Bugaksan Mountain (북악산)
44, Samcheong-ro 11-gil, Jongno-gu, Seoul
Seoul is enveloped by mountains, consisting of Bugaksan, Namsan, Naksan, and Inwangsan to name a few major peaks surrounding the city. Bugaksan, the mountain located to the north of Seoul, is the highest among these and is a southern offshoot of Bukhansan Mountain. It is also referred to as Baegaksan.
Seoul Fortress Wall runs along the mountain ridge and Changuimun (also called Jahamun), one of the four small gates surrounding the castle town during the Joseon Dynasty, is on the west side of the mountain near Inwangsan Mountain. Running between Changuimun and Arirang Hill in Jeongreung, Bugak Skyway is a scenic road overlooking downtown Seoul; it also passes through a variety of attractions such as Changuimun and Bugak Pavilion. Another attraction is Samcheong Park at the southern foot of Bugaksan Mountain.
Inwangsan Mountain (to the west of Bugaksan) and Naksan (to the east) were considered ideal locations, according to the philosophy of Feng Shui. Known for its rugged granite, Inwangsan Mountain was the site of many tigers attacks during the founding of the Joseon Dynasty. According to legend, the king entreated the mountain deity to send the tigers across the Yalu River. Even though the tigers were banished from Inwangsan, one female tiger bearing babies was allowed to remain on the mountain. The babies, subsequently multiplied and made Inwangsan a feared place, full of tigers.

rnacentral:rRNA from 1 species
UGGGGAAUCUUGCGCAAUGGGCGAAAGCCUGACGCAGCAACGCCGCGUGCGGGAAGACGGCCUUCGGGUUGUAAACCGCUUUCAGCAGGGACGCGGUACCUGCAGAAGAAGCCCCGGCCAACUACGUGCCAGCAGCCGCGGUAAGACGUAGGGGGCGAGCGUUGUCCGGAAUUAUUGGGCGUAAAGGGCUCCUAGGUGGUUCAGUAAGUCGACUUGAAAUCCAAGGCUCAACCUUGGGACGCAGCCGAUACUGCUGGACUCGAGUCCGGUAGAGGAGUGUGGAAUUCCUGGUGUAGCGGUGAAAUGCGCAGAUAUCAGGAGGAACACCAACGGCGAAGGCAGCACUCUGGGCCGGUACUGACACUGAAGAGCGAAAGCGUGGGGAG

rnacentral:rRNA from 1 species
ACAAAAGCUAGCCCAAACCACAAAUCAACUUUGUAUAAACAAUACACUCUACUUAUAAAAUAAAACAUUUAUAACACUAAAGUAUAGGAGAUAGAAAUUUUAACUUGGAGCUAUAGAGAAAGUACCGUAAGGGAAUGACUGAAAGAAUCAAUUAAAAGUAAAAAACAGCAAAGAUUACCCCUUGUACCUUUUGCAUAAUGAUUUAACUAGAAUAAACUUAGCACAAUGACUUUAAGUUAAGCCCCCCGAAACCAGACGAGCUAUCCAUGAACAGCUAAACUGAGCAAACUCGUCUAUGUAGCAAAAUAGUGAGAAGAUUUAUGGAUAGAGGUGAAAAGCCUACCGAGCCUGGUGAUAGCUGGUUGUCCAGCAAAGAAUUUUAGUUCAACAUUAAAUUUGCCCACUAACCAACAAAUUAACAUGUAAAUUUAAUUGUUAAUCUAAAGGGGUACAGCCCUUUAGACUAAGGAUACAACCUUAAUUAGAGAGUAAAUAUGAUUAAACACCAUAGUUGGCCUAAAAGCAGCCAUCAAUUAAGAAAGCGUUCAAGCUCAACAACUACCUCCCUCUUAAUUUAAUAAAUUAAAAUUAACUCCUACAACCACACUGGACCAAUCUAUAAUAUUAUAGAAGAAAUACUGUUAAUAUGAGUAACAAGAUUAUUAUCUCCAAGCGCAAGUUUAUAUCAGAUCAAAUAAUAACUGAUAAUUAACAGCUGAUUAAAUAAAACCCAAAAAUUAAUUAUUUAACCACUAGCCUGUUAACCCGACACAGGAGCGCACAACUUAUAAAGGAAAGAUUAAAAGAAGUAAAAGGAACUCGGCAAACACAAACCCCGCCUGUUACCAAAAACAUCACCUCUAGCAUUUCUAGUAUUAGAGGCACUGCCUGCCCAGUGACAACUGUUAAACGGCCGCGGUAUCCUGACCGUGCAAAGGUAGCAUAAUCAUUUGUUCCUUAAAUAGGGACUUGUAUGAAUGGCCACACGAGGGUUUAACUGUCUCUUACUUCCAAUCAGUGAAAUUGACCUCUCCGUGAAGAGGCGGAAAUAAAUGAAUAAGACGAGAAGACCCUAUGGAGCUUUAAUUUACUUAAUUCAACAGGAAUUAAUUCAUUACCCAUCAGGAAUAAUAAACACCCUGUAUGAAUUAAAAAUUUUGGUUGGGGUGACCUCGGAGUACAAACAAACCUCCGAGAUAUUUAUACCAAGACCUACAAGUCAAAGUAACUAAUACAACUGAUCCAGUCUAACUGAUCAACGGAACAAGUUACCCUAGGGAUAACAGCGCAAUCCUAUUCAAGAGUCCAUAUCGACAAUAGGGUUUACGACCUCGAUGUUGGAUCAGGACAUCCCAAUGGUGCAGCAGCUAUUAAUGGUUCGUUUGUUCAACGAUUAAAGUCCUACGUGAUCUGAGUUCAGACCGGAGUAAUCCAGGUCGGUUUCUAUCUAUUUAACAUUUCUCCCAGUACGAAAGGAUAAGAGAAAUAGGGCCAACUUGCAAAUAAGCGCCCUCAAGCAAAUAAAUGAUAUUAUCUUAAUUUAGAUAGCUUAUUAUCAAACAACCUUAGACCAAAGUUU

Inwang Skyway connects the east of Inwangsan to Bugaksan. The eastern side of Inwangsan was turned into a posh residential area while Guksadang (literally "National Shrine") was moved from Namsan to an area west of the mountain in the 1920s. Even today, shamans perform exorcisms at the shrine, as well as rituals honoring the mountain deities.